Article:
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20130124
20130201
Search Results 0 to 7 of about 8 (some duplicates have been removed)
exists as an element in the cultural life of every society. (levin the environment can influence music both conscious and unconscious ways. for instance in the west, the argument has been made that a lot of the dissonant music that arose at the beginning of the century was a result or a reaction to the noisiness of industrialization, and the dissonance of modern civilization-- that it was a reflection of social dissonance, in a way, in sound. [dissonant orchestra music] (slobin) if we use the word environment to relate to music, we're talking about two things: a physical environment and a social environment. in the case of highlander people in bosnia singing together, the two are pretty much inseparable. (narrator) in a mountainous region of bosnia herzegovina close to sarajevo, a sheep herding community has developed a unique singing style known as ganga. this genre, which is primarily sung outdoors in groups, closely reflects the conditions and life style of the highlander commity. in bosnian highlander culture, specifically in mt. bjelasnica, people will spend a lot of time outdoor
at this baby. what physical skills do you think she has mastered already? what type of environment do you think would allow this child to practice old skills while challenging her to develop new os? let's remember how important play is as the means children use to try out and practice new skills. what m look like simple reaching or pulling to us can really be this child's earliest efforts to master some vital large muscle skills. we want to make it into a swimming pool. woman: bring them over here now. hendrick: and large muscle skills include different kinds of activities. woman: no. right over here. child: where's the swimming pool? second child: we can't see! hendrick: teachers need to plan so that children can practice them all... while having fun. [children talking] child: this is hard work! hendrick: they need opportunities to develop upper body strength and expertise by pulling themselves up and hanging from apparatus; by swinging, and by rolling balls at targets and throwing bean bags. geronimo! teacher: hop. let me see some hopping. hendrick: they need opportunities to strengthen their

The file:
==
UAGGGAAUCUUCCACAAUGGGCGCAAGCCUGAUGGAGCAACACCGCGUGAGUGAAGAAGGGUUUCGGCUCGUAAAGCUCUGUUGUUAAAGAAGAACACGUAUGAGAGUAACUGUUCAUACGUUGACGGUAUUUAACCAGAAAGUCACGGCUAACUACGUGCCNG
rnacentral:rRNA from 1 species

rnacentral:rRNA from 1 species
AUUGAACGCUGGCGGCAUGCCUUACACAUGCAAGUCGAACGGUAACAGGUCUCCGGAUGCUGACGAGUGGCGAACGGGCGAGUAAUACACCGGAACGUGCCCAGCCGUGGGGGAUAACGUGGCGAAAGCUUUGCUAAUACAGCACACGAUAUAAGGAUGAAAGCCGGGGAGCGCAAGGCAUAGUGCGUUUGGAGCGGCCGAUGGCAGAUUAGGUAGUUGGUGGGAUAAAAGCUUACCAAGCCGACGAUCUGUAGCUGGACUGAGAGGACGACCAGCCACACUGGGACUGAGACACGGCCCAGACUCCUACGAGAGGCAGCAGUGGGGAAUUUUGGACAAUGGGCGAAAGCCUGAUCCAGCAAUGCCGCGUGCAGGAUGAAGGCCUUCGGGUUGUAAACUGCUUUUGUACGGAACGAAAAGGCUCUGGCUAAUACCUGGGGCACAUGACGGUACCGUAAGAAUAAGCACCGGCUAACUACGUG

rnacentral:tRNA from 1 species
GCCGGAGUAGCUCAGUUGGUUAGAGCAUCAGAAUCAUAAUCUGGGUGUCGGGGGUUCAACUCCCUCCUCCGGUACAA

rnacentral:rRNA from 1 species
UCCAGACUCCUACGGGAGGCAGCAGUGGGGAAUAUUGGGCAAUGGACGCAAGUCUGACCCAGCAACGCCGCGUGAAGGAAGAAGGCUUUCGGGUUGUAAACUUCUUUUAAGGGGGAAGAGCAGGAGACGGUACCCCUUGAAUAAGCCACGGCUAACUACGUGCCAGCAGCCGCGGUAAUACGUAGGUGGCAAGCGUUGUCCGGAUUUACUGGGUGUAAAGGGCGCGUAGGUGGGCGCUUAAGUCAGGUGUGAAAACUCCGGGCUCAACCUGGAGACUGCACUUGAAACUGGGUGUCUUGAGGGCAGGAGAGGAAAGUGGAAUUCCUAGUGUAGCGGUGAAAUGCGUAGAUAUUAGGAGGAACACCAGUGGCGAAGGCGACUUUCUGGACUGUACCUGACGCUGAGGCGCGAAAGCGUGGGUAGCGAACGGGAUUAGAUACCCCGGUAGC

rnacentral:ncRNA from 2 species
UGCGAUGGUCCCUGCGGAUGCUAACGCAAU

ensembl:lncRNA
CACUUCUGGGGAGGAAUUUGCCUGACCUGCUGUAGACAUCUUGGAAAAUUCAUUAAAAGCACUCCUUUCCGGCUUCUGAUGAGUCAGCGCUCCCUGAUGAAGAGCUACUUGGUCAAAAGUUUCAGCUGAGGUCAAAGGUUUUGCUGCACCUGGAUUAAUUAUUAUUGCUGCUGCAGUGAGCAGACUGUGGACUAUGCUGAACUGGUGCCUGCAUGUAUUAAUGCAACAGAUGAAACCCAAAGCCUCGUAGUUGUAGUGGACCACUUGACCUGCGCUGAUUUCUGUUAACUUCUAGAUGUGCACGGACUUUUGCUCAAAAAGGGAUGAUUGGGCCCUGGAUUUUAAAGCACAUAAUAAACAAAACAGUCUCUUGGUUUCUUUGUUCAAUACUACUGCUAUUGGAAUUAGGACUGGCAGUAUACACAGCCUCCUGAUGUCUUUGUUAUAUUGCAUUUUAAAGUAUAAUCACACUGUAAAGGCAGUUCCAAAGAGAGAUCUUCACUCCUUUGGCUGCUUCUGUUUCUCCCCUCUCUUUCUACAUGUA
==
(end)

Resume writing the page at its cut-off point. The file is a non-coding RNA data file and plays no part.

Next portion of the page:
is in part what their genetic nature is, but it's also a part of what kind of an environment and life they live-- the nurture they have. so you can be genetically susceptible, but never exposed. but i think there's a public perception that the environment-- i mean smog, pesticides, water pollution, hair spray, you name it-- that these things are important causes of disease, and the reality is, they're not. there are a few biggies. there's cigarette smoke; there's asbestos... which is pretty much a problem of the past. and then, it's a pretty short list. the rest of the causes of disease are-- if they're not infectious-- are inside us. but often, the conditions in which one lives play a critical role in the ability to maintain good health, clearly, in most communities a level of development which has benefited many people, but left others behind. so one sees large slum areas of marginalized people, with people living under very poor conditions around the big cities. i saw it in china when i went there with my family in 1982. the farther away from beijing we went, the more "third world"